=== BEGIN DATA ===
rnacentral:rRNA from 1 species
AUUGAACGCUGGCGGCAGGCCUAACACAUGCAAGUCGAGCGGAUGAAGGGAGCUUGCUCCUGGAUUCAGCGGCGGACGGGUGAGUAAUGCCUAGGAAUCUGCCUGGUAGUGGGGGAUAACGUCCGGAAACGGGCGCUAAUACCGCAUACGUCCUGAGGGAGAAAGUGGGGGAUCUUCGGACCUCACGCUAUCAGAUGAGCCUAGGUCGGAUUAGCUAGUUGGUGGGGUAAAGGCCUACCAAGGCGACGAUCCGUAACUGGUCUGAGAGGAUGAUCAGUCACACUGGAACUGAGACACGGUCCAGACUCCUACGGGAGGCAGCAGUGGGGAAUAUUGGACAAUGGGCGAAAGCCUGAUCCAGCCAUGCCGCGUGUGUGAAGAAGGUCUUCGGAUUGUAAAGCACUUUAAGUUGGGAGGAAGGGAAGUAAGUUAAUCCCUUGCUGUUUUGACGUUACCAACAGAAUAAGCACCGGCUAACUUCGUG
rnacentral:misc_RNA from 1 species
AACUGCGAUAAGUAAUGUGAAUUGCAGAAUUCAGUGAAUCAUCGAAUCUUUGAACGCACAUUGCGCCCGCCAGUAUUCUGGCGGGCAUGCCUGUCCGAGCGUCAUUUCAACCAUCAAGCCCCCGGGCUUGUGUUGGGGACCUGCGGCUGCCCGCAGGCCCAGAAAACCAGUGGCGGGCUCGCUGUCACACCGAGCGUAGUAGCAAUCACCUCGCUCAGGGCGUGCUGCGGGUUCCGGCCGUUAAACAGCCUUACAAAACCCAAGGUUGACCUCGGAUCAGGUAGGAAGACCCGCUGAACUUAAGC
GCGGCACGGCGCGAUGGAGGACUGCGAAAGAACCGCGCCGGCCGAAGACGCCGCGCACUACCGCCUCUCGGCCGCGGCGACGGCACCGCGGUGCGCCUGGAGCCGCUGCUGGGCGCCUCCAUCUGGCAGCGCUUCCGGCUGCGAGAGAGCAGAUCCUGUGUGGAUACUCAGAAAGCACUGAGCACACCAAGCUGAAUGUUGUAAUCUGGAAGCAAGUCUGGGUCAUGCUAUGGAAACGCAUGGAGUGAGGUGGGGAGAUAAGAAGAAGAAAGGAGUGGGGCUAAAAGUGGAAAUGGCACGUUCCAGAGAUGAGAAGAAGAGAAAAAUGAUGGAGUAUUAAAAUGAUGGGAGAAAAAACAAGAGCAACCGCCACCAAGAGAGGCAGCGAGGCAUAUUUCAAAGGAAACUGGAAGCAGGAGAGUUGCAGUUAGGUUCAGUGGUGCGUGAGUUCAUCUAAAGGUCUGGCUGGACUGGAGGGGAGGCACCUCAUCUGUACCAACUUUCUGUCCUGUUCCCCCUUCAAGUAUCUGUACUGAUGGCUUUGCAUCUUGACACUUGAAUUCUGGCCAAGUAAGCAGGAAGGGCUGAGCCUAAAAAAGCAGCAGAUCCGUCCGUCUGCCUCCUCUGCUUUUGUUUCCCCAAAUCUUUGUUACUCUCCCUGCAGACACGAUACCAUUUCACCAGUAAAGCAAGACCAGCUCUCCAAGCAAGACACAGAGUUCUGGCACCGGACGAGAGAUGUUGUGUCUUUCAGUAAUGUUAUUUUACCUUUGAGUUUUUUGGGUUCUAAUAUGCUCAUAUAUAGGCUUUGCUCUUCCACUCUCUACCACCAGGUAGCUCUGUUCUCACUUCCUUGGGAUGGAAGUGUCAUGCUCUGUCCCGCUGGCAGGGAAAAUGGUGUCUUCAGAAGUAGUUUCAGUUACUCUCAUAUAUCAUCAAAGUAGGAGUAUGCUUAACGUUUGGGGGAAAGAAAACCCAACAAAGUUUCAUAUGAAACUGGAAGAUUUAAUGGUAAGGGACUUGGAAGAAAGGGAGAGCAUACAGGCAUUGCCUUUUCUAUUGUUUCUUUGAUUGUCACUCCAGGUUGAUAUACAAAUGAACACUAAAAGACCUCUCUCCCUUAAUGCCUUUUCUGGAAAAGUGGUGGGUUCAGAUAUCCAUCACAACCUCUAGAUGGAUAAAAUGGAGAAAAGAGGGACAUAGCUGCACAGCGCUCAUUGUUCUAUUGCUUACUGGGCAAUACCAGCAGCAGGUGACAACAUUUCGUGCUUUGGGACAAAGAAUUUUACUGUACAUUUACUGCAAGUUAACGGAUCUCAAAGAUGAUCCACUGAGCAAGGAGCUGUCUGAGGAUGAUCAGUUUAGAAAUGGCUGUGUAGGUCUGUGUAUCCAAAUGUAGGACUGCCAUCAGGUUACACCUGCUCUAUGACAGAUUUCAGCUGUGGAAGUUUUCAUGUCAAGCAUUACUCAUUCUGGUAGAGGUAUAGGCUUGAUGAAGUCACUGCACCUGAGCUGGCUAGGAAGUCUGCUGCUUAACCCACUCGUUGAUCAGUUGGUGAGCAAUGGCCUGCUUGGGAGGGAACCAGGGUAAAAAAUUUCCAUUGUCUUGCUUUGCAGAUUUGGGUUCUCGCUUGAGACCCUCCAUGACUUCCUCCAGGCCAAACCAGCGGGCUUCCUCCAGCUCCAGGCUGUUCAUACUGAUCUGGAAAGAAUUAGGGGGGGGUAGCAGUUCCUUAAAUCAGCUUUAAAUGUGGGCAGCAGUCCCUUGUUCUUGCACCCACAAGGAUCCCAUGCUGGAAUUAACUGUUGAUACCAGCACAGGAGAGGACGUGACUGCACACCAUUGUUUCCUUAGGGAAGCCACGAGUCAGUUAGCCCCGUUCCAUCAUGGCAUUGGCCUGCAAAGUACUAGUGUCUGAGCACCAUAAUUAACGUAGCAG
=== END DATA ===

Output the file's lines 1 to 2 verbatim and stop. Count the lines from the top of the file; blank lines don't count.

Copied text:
rnacentral:rRNA from 1 species
AUUGAACGCUGGCGGCAGGCCUAACACAUGCAAGUCGAGCGGAUGAAGGGAGCUUGCUCCUGGAUUCAGCGGCGGACGGGUGAGUAAUGCCUAGGAAUCUGCCUGGUAGUGGGGGAUAACGUCCGGAAACGGGCGCUAAUACCGCAUACGUCCUGAGGGAGAAAGUGGGGGAUCUUCGGACCUCACGCUAUCAGAUGAGCCUAGGUCGGAUUAGCUAGUUGGUGGGGUAAAGGCCUACCAAGGCGACGAUCCGUAACUGGUCUGAGAGGAUGAUCAGUCACACUGGAACUGAGACACGGUCCAGACUCCUACGGGAGGCAGCAGUGGGGAAUAUUGGACAAUGGGCGAAAGCCUGAUCCAGCCAUGCCGCGUGUGUGAAGAAGGUCUUCGGAUUGUAAAGCACUUUAAGUUGGGAGGAAGGGAAGUAAGUUAAUCCCUUGCUGUUUUGACGUUACCAACAGAAUAAGCACCGGCUAACUUCGUG